Written by Aimé Sindayigaya and edited by Jules Niyibizi.
According to the National Youth Policy of Rwanda, 67% of the country’s population is under the age of 25 years. Unfortunately, the youth in Rwanda faces many challenges that prevent them from benefiting from their country’s progressing economy. Unexpectedly, some of these challenges are a result of the policies implemented in the country’s pursuit of economic growth.
The lack of quality education is one of the challenges faced by pupils in primary schools in Rwanda and this is linked to the country’s budget constraints. Rwanda is a poor country which does not have the financial means to rapidly build sufficient education infrastructures. It lacks funds to train enough teachers and thereby guarantee quality education for all primary school pupils. The country already spends 4.8% of its GDP on education out of which 45.3% is allocated to primary education. Despite such financial commitment, Rwanda still has a high but steadily decreasing pupil to teacher and class ratios estimated at 58 and 81 respectively.
Furthermore, this lack of quality education is also a consequence of neglecting to sustain primary education in the country. A report published in May 2012 by the Independent Commission for Aid Impact assessing the UK Department for International Development’s education programmes in three East African countries including Rwanda pointed out that “ there is no major study carried out by the ministries of education on teacher attendance or teaching time within school day as part of the core management of the education system.” The same report also discovered “a relative neglect of other aspects of teacher workforce management such as recruitment, retention and school leadership.” The concerns of teachers regarding the quality of education in primary schools in Rwanda, have previously been pointed out by Volunteer Overcoming Poverty (VSO) in its 2003 report titled “Seen but not heard” and also during a British Broadcasting Corporation (BBC) programme broadcasted in 2011 that featured interviews with teachers from Rwanda. Teachers’ anxieties affecting their morale towards providing quality education include delayed and low salary payment, lack of tools to improve their professional performance, unsupportive management, and a perception that teachers in Rwanda are not appropriately valued in the society.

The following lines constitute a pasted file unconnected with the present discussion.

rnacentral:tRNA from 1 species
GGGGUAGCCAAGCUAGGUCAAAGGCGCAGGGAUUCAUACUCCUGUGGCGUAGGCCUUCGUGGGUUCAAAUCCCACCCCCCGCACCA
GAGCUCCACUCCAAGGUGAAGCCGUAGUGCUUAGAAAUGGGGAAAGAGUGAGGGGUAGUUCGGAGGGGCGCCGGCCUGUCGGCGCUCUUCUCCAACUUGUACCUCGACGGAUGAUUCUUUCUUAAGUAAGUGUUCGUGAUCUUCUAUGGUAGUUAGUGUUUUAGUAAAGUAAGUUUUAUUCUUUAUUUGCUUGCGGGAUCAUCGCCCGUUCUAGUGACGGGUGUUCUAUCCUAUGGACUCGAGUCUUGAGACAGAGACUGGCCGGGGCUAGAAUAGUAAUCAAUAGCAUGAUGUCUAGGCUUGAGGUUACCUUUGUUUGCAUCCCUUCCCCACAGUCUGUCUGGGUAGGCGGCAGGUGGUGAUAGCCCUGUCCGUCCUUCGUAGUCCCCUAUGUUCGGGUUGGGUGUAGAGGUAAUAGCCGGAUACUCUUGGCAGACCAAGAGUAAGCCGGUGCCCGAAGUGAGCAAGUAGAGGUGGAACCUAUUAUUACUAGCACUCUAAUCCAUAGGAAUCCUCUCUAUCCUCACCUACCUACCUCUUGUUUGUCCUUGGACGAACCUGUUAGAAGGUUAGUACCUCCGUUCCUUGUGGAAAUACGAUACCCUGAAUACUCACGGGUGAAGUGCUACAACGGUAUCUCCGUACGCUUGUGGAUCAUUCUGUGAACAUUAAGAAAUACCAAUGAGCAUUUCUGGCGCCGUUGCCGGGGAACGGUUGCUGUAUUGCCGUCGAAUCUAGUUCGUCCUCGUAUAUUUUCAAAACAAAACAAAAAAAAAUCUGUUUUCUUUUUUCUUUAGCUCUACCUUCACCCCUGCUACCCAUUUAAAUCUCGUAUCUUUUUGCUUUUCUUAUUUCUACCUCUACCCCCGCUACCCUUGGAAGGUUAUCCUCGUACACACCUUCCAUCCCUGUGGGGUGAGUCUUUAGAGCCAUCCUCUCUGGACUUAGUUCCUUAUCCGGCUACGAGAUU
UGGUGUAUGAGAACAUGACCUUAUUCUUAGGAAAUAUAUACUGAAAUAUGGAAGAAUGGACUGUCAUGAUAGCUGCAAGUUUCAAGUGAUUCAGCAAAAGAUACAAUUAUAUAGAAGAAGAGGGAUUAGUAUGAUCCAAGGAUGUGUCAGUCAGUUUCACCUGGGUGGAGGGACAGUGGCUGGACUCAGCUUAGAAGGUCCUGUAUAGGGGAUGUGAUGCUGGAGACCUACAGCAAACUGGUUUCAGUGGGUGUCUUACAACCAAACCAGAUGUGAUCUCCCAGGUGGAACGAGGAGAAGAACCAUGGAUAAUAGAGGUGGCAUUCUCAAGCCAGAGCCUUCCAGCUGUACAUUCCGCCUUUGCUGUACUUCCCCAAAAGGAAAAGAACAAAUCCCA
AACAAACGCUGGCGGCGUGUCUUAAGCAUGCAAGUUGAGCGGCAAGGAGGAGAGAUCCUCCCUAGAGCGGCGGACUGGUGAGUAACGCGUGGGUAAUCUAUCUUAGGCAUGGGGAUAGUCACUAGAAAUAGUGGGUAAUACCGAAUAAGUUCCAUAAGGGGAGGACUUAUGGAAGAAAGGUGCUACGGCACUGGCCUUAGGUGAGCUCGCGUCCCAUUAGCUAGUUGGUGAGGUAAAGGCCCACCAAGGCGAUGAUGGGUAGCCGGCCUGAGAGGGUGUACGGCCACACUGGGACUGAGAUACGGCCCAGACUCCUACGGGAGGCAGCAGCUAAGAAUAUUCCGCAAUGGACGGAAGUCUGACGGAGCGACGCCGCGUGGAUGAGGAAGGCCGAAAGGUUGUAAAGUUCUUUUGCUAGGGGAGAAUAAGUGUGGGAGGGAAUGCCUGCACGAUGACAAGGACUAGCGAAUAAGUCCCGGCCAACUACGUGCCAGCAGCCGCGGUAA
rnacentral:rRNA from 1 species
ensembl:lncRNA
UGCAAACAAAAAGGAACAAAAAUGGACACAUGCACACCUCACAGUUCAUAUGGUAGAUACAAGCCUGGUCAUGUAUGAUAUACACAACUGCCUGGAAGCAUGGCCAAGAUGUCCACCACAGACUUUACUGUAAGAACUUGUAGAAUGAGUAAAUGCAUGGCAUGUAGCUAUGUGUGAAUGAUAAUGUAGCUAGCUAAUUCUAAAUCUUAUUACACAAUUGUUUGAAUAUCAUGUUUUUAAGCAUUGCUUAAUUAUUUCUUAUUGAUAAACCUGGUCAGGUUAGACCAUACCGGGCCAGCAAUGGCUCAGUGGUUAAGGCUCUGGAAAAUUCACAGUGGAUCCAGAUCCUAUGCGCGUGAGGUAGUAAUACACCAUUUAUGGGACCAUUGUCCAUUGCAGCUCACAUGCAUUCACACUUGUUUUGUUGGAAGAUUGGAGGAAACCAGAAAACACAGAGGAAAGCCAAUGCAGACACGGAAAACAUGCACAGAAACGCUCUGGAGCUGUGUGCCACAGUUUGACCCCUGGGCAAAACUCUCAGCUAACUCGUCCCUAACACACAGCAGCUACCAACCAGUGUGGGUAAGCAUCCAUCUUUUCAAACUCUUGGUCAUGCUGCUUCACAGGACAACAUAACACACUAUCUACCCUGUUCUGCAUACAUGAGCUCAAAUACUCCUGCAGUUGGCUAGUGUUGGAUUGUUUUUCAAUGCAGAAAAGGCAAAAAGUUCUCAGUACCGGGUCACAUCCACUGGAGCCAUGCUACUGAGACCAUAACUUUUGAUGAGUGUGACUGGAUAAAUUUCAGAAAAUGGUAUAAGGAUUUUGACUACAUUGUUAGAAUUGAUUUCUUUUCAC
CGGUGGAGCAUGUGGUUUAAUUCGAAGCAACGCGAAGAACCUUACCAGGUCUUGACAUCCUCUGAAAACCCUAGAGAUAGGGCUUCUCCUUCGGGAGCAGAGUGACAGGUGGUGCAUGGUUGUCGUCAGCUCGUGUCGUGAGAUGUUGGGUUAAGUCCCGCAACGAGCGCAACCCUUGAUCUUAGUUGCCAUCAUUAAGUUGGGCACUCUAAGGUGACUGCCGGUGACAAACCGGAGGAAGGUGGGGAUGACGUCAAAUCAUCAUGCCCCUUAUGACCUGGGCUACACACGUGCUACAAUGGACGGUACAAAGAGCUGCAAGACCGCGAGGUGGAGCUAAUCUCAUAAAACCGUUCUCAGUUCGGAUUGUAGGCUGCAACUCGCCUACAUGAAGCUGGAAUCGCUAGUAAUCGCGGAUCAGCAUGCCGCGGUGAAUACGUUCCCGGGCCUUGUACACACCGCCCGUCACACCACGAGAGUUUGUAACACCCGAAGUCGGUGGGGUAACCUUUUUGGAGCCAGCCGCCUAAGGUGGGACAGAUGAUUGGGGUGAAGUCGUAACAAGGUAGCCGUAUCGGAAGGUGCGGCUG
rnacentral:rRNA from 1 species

Due to the lack of quality education in primary schools, only half of the primary pupils in Rwanda meet curricular expectations in reading in their mother tongue while the majority does not meet curricular expectations in numeracy. According to Rwandan Ministry of Education statistics, in 2011 there were 2,341,146 students enrolled in primary schools, accounting for almost 20% of the country’s population. However, due to low quality in education even in the case where these students manage to complete their primary school education, their literacy and numeracy levels could generally be well below expectations.